For New York's struggling Republicans, fundraising challenges now include a new twist.
The key talking points from state chairman Edward Cox and Suffolk chairman John Jay LaValle took shape shortly after Suffolk's newly minted Republican County Executive Steve Levy bowed out as their most valued prospect, saying he won't seek a third term. Cox and LaValle have since noted repeatedly that most of those funds in Levy's more than $4 million campaign account -- to be given up to Republican-turned-Democrat District Attorney Thomas Spota -- were raised during Levy's time as a Democrat. This gives Republicans the chance to say that any questionable fundraising was not theirs as they prepare to face Democratic Babylon Supervisor Steve Bellone for county executive, whose campaign coffers have grown.
Cox's decision to court Levy for governor last year now fuels criticism from those looking to oust the chairman in September. Possible challengers have included Nick Langworthy, chairman of the Erie County Republicans, who seem to be in perpetual revolt, and Ed Lurie, who has served before as state executive director and headed the state Senate Republican Campaign Committee.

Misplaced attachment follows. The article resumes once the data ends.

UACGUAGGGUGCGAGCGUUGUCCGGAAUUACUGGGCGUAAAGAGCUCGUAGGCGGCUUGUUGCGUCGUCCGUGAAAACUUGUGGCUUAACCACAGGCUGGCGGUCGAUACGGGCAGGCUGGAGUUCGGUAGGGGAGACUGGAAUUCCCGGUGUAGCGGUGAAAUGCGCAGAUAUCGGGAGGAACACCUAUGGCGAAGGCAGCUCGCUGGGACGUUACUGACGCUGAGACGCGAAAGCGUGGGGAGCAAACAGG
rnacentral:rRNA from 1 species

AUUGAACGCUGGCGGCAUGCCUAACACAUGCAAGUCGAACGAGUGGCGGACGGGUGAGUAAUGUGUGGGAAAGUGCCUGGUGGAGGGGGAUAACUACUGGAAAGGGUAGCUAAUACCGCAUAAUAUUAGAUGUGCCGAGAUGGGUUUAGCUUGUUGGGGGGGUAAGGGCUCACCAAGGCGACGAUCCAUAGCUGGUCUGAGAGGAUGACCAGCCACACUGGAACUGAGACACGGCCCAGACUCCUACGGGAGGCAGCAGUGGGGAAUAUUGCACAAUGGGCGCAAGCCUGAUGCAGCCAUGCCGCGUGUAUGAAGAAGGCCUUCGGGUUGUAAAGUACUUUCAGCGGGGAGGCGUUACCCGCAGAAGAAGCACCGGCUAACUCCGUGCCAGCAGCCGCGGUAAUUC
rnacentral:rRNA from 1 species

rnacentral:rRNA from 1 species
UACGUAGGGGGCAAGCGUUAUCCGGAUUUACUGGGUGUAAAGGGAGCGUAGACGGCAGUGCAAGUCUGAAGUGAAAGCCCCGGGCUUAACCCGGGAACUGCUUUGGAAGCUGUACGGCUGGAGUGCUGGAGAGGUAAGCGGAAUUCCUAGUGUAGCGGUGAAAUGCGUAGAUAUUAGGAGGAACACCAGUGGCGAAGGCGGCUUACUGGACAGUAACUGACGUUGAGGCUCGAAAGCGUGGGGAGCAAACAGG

Amid that static, a question arises: How's Cox's own party fundraising? His executive director, Thomas Basile, waxes positive, saying Cox and company have been "building relationships with major donors over the last year and a half" as well as developing a base of smaller donors.
According to election filings posted last month, the New York Republican State Committee's reporting account had $104,547.25 on hand. The committee's housekeeping account totaled $131,802.45. The most recent major donations to those accounts came from David Koch, one of the Midwestern industrialist Koch brothers who fund right-wing causes ($100,000), a firm affiliated with developer Peter Kalikow ($50,000) and the Westchester GOP ($25,000). That's in addition to funds in a federal account.
The state party's spring dinner will be held in early June. Last year's, featuring Jeb Bush, brought in nearly $1 million, Basile said. In state government, the most important Republican is Senate Majority Leader Dean Skelos of Rockville Centre. As of January, his conference's campaign accounts held a combined $611,131.